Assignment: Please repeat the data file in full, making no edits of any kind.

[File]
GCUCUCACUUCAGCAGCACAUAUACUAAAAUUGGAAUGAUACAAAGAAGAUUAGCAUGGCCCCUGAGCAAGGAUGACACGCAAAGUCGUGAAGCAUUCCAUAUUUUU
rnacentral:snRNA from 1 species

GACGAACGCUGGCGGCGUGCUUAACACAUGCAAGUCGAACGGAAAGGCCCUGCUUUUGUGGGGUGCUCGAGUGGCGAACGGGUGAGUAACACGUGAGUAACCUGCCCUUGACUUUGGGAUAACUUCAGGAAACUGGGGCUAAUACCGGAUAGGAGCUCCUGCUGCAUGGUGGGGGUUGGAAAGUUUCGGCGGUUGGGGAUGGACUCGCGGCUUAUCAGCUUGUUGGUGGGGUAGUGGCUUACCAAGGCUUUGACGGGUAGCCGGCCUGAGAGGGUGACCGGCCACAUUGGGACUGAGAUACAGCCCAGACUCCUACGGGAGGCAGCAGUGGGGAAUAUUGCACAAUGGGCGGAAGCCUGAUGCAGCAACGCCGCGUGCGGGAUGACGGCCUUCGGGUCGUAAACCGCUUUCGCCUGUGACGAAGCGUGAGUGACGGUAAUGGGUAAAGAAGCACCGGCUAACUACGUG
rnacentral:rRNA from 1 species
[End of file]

GCUCUCACUUCAGCAGCACAUAUACUAAAAUUGGAAUGAUACAAAGAAGAUUAGCAUGGCCCCUGAGCAAGGAUGACACGCAAAGUCGUGAAGCAUUCCAUAUUUUU
rnacentral:snRNA from 1 species

GACGAACGCUGGCGGCGUGCUUAACACAUGCAAGUCGAACGGAAAGGCCCUGCUUUUGUGGGGUGCUCGAGUGGCGAACGGGUGAGUAACACGUGAGUAACCUGCCCUUGACUUUGGGAUAACUUCAGGAAACUGGGGCUAAUACCGGAUAGGAGCUCCUGCUGCAUGGUGGGGGUUGGAAAGUUUCGGCGGUUGGGGAUGGACUCGCGGCUUAUCAGCUUGUUGGUGGGGUAGUGGCUUACCAAGGCUUUGACGGGUAGCCGGCCUGAGAGGGUGACCGGCCACAUUGGGACUGAGAUACAGCCCAGACUCCUACGGGAGGCAGCAGUGGGGAAUAUUGCACAAUGGGCGGAAGCCUGAUGCAGCAACGCCGCGUGCGGGAUGACGGCCUUCGGGUCGUAAACCGCUUUCGCCUGUGACGAAGCGUGAGUGACGGUAAUGGGUAAAGAAGCACCGGCUAACUACGUG
rnacentral:rRNA from 1 species